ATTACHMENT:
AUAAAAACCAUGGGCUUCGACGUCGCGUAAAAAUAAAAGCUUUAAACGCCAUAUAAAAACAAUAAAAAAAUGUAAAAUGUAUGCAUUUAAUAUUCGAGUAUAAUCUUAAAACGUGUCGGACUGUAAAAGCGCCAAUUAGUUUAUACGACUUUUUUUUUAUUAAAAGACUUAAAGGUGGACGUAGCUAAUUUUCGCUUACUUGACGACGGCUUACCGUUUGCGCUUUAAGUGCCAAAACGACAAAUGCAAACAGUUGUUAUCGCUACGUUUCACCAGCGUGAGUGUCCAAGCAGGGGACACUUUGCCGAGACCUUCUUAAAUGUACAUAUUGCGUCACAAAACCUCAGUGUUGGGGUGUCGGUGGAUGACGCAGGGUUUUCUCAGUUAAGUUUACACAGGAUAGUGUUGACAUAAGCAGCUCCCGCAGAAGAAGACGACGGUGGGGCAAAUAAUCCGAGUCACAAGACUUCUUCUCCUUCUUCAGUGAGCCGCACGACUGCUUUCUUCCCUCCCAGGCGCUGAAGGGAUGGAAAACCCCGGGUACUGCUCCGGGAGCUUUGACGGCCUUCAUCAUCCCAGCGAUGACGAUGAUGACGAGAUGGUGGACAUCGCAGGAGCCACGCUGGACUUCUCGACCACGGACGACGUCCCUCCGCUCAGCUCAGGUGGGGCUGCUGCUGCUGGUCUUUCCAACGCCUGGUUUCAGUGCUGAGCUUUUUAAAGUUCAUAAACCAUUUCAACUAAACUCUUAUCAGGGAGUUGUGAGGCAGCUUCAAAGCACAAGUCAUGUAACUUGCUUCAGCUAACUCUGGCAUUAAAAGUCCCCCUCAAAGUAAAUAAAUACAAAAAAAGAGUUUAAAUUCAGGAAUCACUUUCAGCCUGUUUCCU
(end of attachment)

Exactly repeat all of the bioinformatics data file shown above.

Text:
AUAAAAACCAUGGGCUUCGACGUCGCGUAAAAAUAAAAGCUUUAAACGCCAUAUAAAAACAAUAAAAAAAUGUAAAAUGUAUGCAUUUAAUAUUCGAGUAUAAUCUUAAAACGUGUCGGACUGUAAAAGCGCCAAUUAGUUUAUACGACUUUUUUUUUAUUAAAAGACUUAAAGGUGGACGUAGCUAAUUUUCGCUUACUUGACGACGGCUUACCGUUUGCGCUUUAAGUGCCAAAACGACAAAUGCAAACAGUUGUUAUCGCUACGUUUCACCAGCGUGAGUGUCCAAGCAGGGGACACUUUGCCGAGACCUUCUUAAAUGUACAUAUUGCGUCACAAAACCUCAGUGUUGGGGUGUCGGUGGAUGACGCAGGGUUUUCUCAGUUAAGUUUACACAGGAUAGUGUUGACAUAAGCAGCUCCCGCAGAAGAAGACGACGGUGGGGCAAAUAAUCCGAGUCACAAGACUUCUUCUCCUUCUUCAGUGAGCCGCACGACUGCUUUCUUCCCUCCCAGGCGCUGAAGGGAUGGAAAACCCCGGGUACUGCUCCGGGAGCUUUGACGGCCUUCAUCAUCCCAGCGAUGACGAUGAUGACGAGAUGGUGGACAUCGCAGGAGCCACGCUGGACUUCUCGACCACGGACGACGUCCCUCCGCUCAGCUCAGGUGGGGCUGCUGCUGCUGGUCUUUCCAACGCCUGGUUUCAGUGCUGAGCUUUUUAAAGUUCAUAAACCAUUUCAACUAAACUCUUAUCAGGGAGUUGUGAGGCAGCUUCAAAGCACAAGUCAUGUAACUUGCUUCAGCUAACUCUGGCAUUAAAAGUCCCCCUCAAAGUAAAUAAAUACAAAAAAAGAGUUUAAAUUCAGGAAUCACUUUCAGCCUGUUUCCU